So, what's going on in the demo? The visible simulation views in the V-REP window show an e-puck robot following a black line which is blocked by both a potted plant and an obstacle constructed from 3 cylinders. The robot has two behaviours: line following and wall following. The EBB requests data from the e-puck robot once per second, and you can see those data in the Python shell window. Reading from left to right you will see first the EBB date and time stamp, then robot time botT, then the 3 line following sensors lfSe, followed by the 8 infra red proximity sensors irSe. The final two fields show the joint (i.e. wheel) angles jntA, in degrees, then the motor commands jntD. By watching these values as the robot follows its line and negotiates the two obstacles you can see how the line and infra red sensor values change, resulting in updated motor commands.

Here is the code - which is custom written both for this robot and the means of communicating with it - for requesting data from the robot.

# Get data from the robot and store it in spec[]
# while returning one of the following result codes
ROBOT_DATA_OK = 0
CANNOT_CONNECT = 1
SOCKET_ERROR = 2
BAD_DATA = 3

def getRobotData(spec):

    # This function connects, via TCP/IP to an ePuck robot in V-REP

    # create a TCP/IP socket and connect it to the simulated robot
    sock = socket.socket(socket.AF_INET, socket.SOCK_STREAM)
    try:
        sock.connect(server_address_port)
    except:
        return CANNOT_CONNECT

    sock.settimeout(0.1) # set connection timeout
    
    # pack a dummy packet that will provoke data in response
    #   this is, in effect, a 'ping' to ask for a data record
    strSend = struct.pack('fff',1.0,1.0,1.0)
    sock.sendall(strSend) # and send it to V-REP

    # wait for data back from V-REP
    #   expect a packet with 1 time, 2 joints, 2 motors,   
    #   3 line sensors and 8 irSensors. All floats because V-REP
    #   total packet size = 16 x 4 = 64 bytes
    data = b''
    nch_rx = 64 # expect this many bytes from  V-REP 
    try:
        while len(data) < nch_rx:
            data += sock.recv(nch_rx)
    except:
        sock.close()
        return SOCKET_ERROR

    # unpack the received data
    if len(data) == nch_rx:
        # V-REP packs and unpacks in floats only so...
        vrx = struct.unpack('ffffffffffffffff',data)

        # now move data from vrx[] into spec[], while rounding floats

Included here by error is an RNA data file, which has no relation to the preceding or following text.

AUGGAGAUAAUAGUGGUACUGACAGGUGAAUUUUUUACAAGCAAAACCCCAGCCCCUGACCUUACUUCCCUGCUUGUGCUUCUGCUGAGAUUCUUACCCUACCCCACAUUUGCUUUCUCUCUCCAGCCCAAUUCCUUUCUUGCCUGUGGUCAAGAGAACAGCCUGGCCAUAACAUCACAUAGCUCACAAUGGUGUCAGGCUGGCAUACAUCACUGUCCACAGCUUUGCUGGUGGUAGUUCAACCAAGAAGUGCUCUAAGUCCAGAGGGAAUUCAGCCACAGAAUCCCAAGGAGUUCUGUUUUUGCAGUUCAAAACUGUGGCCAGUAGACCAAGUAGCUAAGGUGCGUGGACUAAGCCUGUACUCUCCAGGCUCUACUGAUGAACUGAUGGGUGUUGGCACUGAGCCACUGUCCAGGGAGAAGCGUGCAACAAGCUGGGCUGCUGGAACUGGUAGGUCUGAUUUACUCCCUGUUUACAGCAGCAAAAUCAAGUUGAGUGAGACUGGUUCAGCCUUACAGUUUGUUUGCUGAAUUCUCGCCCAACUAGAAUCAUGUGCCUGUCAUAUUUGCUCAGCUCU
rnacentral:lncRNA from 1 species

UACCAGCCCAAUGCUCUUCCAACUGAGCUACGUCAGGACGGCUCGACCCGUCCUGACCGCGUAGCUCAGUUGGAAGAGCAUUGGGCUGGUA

spec["botTime"] = [ round(vrx[0],2) ] 
        spec["jntDemands"] = [ round(vrx[1],2), round(vrx[2],2) ]
        spec["jntAngles"] = [ round(vrx[3]*180.0/math.pi,2)
                              round(vrx[4]*180.0/math.pi,2) ]
        spec["lfSensors"] = [ round(vrx[5],2), 
                              round(vrx[6],2), round(vrx[7],2) ]
        for i in range(8):
            spec["irSensors"][i] = round(vrx[8+i],3)       
        result = ROBOT_DATA_OK
    else:       
        result = BAD_DATA

    sock.close()
    return result

The structure of this function is very simple: first create a socket then open it, then make a dummy packet and send it to V-REP to request EBB data from the robot. Then, when a data packet arrives, unpack it into spec, then close the socket before returning. The most complex part of the code is data wrangling.

Would a real EBB collect data in this way? Well if the EBB is embedded in the robot then probably not. Communication between the robot controller and the EBB might be via ROS messages, or even more directly, by - for instance - allowing the EBB code to access a shared memory space which contains the robot's sensor inputs, command outputs and decisions. But an external EBB, either running on a local server or in the cloud, would most likely use TCP/IP to communicate with the robot, so getRobotData() would look very much like the example here. 

Friday, February 19, 2021

Back to Robot Coding part 2: the ethical black box

In the last few days I started some serious coding. The first for 20 years, in fact, when I built the software for the BRL LinuxBots. (The coding I did six months ago doesn't really count as I was only writing or modifying small fragments of Python).

My coding project is to start building an ethical black box (EBB), or to be more accurate, a module that will allow a software EBB to be incorporated into a robot. Conceptually the EBB is very simple, it is a data logger - the robot equivalent of an aircraft Flight Data Recorder, or an automotive Event Data Recorder. Nearly five years ago I made the case, with Marina Jirotka, that all robots (and AIs) should be fitted with an EBB as standard. Our argument is very simple: without an EBB, it will be more or less impossible to investigate robot accidents, or near-misses, and in a recent paper on Robot Accident Investigation we argue that with the increasing use of social robots accidents are inevitable and will need to be investigated.